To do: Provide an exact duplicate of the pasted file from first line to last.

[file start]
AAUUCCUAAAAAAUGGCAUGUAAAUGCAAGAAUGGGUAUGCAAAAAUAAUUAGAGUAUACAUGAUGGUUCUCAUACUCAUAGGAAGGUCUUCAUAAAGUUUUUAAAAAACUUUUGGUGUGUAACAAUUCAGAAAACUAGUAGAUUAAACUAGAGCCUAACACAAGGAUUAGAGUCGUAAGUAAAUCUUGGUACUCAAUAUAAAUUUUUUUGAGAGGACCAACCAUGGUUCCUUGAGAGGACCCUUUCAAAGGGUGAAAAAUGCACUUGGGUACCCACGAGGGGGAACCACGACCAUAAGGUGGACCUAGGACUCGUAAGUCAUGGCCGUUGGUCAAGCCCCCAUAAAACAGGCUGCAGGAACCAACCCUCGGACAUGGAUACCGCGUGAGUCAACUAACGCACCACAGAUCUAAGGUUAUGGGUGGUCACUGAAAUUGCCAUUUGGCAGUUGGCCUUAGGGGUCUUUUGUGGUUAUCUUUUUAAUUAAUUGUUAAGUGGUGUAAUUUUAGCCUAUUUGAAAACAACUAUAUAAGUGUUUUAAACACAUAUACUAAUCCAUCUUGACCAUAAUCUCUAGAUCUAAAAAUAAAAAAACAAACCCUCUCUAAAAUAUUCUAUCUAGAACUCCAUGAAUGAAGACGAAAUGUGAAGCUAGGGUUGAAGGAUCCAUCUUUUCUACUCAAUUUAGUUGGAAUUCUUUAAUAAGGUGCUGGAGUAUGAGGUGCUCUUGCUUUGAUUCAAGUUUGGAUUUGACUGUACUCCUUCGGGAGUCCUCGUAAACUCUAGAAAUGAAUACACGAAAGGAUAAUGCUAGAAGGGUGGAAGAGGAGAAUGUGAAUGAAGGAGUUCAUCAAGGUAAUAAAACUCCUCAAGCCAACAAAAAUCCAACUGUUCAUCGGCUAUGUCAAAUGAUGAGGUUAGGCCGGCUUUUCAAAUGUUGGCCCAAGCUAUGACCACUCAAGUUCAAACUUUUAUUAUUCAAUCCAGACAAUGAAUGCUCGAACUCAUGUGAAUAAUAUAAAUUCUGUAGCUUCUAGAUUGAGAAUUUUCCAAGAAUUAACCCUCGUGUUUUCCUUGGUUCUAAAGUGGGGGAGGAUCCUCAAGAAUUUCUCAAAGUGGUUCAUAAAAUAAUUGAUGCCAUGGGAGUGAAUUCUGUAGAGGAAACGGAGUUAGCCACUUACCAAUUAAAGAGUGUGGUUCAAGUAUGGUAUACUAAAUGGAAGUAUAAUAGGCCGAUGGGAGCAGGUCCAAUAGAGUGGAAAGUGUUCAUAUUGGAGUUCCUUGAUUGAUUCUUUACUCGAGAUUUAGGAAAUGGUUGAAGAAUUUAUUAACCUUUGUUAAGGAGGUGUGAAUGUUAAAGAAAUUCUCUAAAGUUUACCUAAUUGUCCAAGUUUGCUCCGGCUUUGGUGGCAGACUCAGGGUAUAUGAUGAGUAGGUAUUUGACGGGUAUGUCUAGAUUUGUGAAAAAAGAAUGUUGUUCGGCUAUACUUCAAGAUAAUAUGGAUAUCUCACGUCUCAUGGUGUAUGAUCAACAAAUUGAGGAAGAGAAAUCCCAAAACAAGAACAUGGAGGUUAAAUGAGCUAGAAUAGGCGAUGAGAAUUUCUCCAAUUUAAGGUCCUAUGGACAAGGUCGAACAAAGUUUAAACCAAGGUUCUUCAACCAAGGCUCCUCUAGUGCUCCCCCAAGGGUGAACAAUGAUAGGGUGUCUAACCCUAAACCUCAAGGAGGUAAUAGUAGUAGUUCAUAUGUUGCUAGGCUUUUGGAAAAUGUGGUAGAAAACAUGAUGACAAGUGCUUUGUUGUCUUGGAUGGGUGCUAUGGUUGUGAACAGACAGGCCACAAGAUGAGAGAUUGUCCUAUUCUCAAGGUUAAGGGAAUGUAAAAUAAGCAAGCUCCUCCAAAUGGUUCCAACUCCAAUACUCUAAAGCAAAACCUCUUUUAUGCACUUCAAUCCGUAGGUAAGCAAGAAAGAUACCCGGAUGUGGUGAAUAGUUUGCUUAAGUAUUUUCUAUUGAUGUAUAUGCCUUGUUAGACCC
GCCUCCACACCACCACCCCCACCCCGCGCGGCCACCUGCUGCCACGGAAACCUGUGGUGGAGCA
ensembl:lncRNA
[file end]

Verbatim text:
AAUUCCUAAAAAAUGGCAUGUAAAUGCAAGAAUGGGUAUGCAAAAAUAAUUAGAGUAUACAUGAUGGUUCUCAUACUCAUAGGAAGGUCUUCAUAAAGUUUUUAAAAAACUUUUGGUGUGUAACAAUUCAGAAAACUAGUAGAUUAAACUAGAGCCUAACACAAGGAUUAGAGUCGUAAGUAAAUCUUGGUACUCAAUAUAAAUUUUUUUGAGAGGACCAACCAUGGUUCCUUGAGAGGACCCUUUCAAAGGGUGAAAAAUGCACUUGGGUACCCACGAGGGGGAACCACGACCAUAAGGUGGACCUAGGACUCGUAAGUCAUGGCCGUUGGUCAAGCCCCCAUAAAACAGGCUGCAGGAACCAACCCUCGGACAUGGAUACCGCGUGAGUCAACUAACGCACCACAGAUCUAAGGUUAUGGGUGGUCACUGAAAUUGCCAUUUGGCAGUUGGCCUUAGGGGUCUUUUGUGGUUAUCUUUUUAAUUAAUUGUUAAGUGGUGUAAUUUUAGCCUAUUUGAAAACAACUAUAUAAGUGUUUUAAACACAUAUACUAAUCCAUCUUGACCAUAAUCUCUAGAUCUAAAAAUAAAAAAACAAACCCUCUCUAAAAUAUUCUAUCUAGAACUCCAUGAAUGAAGACGAAAUGUGAAGCUAGGGUUGAAGGAUCCAUCUUUUCUACUCAAUUUAGUUGGAAUUCUUUAAUAAGGUGCUGGAGUAUGAGGUGCUCUUGCUUUGAUUCAAGUUUGGAUUUGACUGUACUCCUUCGGGAGUCCUCGUAAACUCUAGAAAUGAAUACACGAAAGGAUAAUGCUAGAAGGGUGGAAGAGGAGAAUGUGAAUGAAGGAGUUCAUCAAGGUAAUAAAACUCCUCAAGCCAACAAAAAUCCAACUGUUCAUCGGCUAUGUCAAAUGAUGAGGUUAGGCCGGCUUUUCAAAUGUUGGCCCAAGCUAUGACCACUCAAGUUCAAACUUUUAUUAUUCAAUCCAGACAAUGAAUGCUCGAACUCAUGUGAAUAAUAUAAAUUCUGUAGCUUCUAGAUUGAGAAUUUUCCAAGAAUUAACCCUCGUGUUUUCCUUGGUUCUAAAGUGGGGGAGGAUCCUCAAGAAUUUCUCAAAGUGGUUCAUAAAAUAAUUGAUGCCAUGGGAGUGAAUUCUGUAGAGGAAACGGAGUUAGCCACUUACCAAUUAAAGAGUGUGGUUCAAGUAUGGUAUACUAAAUGGAAGUAUAAUAGGCCGAUGGGAGCAGGUCCAAUAGAGUGGAAAGUGUUCAUAUUGGAGUUCCUUGAUUGAUUCUUUACUCGAGAUUUAGGAAAUGGUUGAAGAAUUUAUUAACCUUUGUUAAGGAGGUGUGAAUGUUAAAGAAAUUCUCUAAAGUUUACCUAAUUGUCCAAGUUUGCUCCGGCUUUGGUGGCAGACUCAGGGUAUAUGAUGAGUAGGUAUUUGACGGGUAUGUCUAGAUUUGUGAAAAAAGAAUGUUGUUCGGCUAUACUUCAAGAUAAUAUGGAUAUCUCACGUCUCAUGGUGUAUGAUCAACAAAUUGAGGAAGAGAAAUCCCAAAACAAGAACAUGGAGGUUAAAUGAGCUAGAAUAGGCGAUGAGAAUUUCUCCAAUUUAAGGUCCUAUGGACAAGGUCGAACAAAGUUUAAACCAAGGUUCUUCAACCAAGGCUCCUCUAGUGCUCCCCCAAGGGUGAACAAUGAUAGGGUGUCUAACCCUAAACCUCAAGGAGGUAAUAGUAGUAGUUCAUAUGUUGCUAGGCUUUUGGAAAAUGUGGUAGAAAACAUGAUGACAAGUGCUUUGUUGUCUUGGAUGGGUGCUAUGGUUGUGAACAGACAGGCCACAAGAUGAGAGAUUGUCCUAUUCUCAAGGUUAAGGGAAUGUAAAAUAAGCAAGCUCCUCCAAAUGGUUCCAACUCCAAUACUCUAAAGCAAAACCUCUUUUAUGCACUUCAAUCCGUAGGUAAGCAAGAAAGAUACCCGGAUGUGGUGAAUAGUUUGCUUAAGUAUUUUCUAUUGAUGUAUAUGCCUUGUUAGACCC
GCCUCCACACCACCACCCCCACCCCGCGCGGCCACCUGCUGCCACGGAAACCUGUGGUGGAGCA
ensembl:lncRNA